Miguel de Cervantes was born 29 September 1547, and died 23 April 1616
10 Writerly Observations by Miguel de Cervantes
- The pen is the tongue of the mind.
- In order to attain the impossible, one must attempt the absurd.
- By such innovations are languages enriched, when the words are adopted by the multitude, and naturalised by custom.
- Translating from one language to another, unless it is from Greek and Latin, the queens of all languages, is like looking at Flemish tapestries from the wrong side, for although the figures are visible, they are covered by threads that obscure them, and cannot be seen with the smoothness and colour of the right side.
- It is one thing to write as poet and another to write as a historian: the poet can recount or sing about things not as they were, but as they should have been, and the historian must write about them not as they should have been, but as they were, without adding or subtracting anything from the truth
- Let’s turn now to the citation of authors, found in other books and missing in yours. The solution to this is very simple, because all you have to do is find a book that cites them all from A to Z, as you put it. Then you’ll put that same alphabet in your book, and though the lie is obvious it doesn’t matter, since you’ll have little need to use them; perhaps someone will be naive enough to believe you have consulted all of them in your plain and simple history; if it serves no other purpose, at least a lengthy catalogue of authors will give the book an unexpected authority. Furthermore, no one will try to determine if you followed them or did not follow them, having nothing to gain from that.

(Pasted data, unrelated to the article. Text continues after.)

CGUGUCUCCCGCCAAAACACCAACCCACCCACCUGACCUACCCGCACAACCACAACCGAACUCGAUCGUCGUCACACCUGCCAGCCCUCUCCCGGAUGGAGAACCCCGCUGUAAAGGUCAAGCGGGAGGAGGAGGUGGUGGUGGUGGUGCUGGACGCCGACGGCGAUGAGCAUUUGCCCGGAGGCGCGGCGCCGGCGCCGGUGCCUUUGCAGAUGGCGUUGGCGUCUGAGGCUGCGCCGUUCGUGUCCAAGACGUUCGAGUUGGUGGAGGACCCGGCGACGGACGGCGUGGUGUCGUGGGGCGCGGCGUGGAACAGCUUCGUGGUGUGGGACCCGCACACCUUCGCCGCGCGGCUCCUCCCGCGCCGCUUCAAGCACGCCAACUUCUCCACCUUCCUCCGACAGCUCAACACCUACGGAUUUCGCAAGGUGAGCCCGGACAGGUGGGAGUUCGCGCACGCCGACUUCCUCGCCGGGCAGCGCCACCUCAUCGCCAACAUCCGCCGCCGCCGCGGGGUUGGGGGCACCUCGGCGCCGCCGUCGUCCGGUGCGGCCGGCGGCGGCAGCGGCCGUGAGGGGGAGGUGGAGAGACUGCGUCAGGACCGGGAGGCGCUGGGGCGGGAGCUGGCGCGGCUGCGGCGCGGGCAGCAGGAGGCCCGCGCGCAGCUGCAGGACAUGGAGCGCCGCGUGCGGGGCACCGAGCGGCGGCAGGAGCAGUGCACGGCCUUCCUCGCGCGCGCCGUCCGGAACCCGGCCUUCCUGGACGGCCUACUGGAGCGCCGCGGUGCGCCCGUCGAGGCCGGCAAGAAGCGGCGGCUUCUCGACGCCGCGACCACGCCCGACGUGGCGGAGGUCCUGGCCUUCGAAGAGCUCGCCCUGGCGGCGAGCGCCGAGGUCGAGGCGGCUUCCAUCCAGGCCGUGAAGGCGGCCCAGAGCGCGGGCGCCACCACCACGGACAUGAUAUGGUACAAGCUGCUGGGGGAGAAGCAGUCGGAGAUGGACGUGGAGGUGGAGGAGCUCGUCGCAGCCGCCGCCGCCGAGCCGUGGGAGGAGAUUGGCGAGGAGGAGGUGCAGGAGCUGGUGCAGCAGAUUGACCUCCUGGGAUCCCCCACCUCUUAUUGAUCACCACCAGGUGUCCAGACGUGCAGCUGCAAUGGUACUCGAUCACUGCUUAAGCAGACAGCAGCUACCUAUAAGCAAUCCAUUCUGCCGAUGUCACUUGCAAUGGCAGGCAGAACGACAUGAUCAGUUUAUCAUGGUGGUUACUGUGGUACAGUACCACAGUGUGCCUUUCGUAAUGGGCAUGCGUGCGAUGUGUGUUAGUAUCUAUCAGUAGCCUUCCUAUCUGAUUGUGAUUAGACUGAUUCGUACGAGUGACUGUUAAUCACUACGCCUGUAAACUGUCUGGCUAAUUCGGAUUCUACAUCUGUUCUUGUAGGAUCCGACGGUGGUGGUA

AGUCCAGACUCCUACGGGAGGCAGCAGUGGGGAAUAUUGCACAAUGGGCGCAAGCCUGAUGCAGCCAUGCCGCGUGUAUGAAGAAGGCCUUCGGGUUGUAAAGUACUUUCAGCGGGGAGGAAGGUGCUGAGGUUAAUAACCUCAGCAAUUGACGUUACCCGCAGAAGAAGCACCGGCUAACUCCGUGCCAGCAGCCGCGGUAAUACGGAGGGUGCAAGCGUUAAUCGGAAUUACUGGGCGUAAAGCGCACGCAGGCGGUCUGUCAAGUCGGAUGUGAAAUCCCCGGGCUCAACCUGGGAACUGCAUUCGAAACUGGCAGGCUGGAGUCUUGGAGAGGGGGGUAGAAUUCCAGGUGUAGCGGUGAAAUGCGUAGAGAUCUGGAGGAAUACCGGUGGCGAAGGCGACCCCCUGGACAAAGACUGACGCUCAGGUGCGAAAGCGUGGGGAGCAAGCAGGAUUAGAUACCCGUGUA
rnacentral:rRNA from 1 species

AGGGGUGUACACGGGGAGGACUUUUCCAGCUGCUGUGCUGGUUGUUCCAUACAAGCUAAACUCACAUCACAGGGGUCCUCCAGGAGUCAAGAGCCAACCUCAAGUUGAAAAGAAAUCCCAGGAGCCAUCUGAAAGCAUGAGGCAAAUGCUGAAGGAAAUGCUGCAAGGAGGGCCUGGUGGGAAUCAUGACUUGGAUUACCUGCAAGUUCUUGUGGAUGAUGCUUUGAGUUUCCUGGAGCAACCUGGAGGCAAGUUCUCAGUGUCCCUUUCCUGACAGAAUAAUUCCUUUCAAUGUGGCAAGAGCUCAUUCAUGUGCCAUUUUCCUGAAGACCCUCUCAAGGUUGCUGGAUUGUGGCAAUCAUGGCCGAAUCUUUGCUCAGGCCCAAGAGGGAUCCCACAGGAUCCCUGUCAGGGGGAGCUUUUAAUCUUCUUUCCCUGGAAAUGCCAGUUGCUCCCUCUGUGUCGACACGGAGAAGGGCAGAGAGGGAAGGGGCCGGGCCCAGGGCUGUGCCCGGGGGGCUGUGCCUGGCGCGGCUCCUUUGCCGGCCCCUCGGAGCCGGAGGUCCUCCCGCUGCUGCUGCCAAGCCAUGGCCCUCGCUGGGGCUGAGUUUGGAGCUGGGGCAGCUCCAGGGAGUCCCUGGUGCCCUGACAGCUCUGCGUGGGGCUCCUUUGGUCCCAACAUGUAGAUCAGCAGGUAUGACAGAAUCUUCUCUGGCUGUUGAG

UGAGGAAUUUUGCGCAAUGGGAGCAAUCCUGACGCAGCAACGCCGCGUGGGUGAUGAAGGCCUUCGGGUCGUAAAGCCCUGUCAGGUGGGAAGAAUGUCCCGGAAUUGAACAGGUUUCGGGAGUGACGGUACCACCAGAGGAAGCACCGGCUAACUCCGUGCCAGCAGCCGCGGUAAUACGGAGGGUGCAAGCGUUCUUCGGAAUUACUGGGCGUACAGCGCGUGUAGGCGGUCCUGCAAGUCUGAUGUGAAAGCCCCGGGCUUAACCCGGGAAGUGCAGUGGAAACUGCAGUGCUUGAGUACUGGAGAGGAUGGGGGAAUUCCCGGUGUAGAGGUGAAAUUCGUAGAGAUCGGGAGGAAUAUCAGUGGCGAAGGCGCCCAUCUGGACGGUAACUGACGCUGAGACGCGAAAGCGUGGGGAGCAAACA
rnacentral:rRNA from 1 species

- The pen is the language of the soul; as the concepts that in it are generated, such will be its writings.
- Our greatest foes, and whom we must chiefly combat, are within.
- It is better to earn a living with the crowd than a reputation with the elite. This is what would happen to my book after I had singed my eyebrows trying to keep the precepts I have mentioned and had become the tailor who wasn’t paid.
- The truth may be stretched thin, but it never breaks, and it always surfaces above lies, as oil floats on water.
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